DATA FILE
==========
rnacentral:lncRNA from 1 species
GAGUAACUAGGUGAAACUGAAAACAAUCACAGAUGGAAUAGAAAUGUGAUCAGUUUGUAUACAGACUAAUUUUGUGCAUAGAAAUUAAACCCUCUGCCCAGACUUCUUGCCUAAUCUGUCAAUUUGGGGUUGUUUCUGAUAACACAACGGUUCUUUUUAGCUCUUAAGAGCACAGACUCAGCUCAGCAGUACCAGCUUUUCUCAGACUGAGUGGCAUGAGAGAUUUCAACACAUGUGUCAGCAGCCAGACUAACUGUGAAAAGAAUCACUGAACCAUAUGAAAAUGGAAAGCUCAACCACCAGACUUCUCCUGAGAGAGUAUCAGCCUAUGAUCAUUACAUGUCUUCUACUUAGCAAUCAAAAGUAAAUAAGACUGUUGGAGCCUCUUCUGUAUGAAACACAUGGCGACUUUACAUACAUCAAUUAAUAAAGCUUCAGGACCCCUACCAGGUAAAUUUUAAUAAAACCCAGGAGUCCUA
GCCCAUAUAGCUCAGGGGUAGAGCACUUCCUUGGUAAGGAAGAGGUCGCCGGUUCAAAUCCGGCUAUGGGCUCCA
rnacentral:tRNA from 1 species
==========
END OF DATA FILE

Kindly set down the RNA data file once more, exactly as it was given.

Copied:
rnacentral:lncRNA from 1 species
GAGUAACUAGGUGAAACUGAAAACAAUCACAGAUGGAAUAGAAAUGUGAUCAGUUUGUAUACAGACUAAUUUUGUGCAUAGAAAUUAAACCCUCUGCCCAGACUUCUUGCCUAAUCUGUCAAUUUGGGGUUGUUUCUGAUAACACAACGGUUCUUUUUAGCUCUUAAGAGCACAGACUCAGCUCAGCAGUACCAGCUUUUCUCAGACUGAGUGGCAUGAGAGAUUUCAACACAUGUGUCAGCAGCCAGACUAACUGUGAAAAGAAUCACUGAACCAUAUGAAAAUGGAAAGCUCAACCACCAGACUUCUCCUGAGAGAGUAUCAGCCUAUGAUCAUUACAUGUCUUCUACUUAGCAAUCAAAAGUAAAUAAGACUGUUGGAGCCUCUUCUGUAUGAAACACAUGGCGACUUUACAUACAUCAAUUAAUAAAGCUUCAGGACCCCUACCAGGUAAAUUUUAAUAAAACCCAGGAGUCCUA
GCCCAUAUAGCUCAGGGGUAGAGCACUUCCUUGGUAAGGAAGAGGUCGCCGGUUCAAAUCCGGCUAUGGGCUCCA
rnacentral:tRNA from 1 species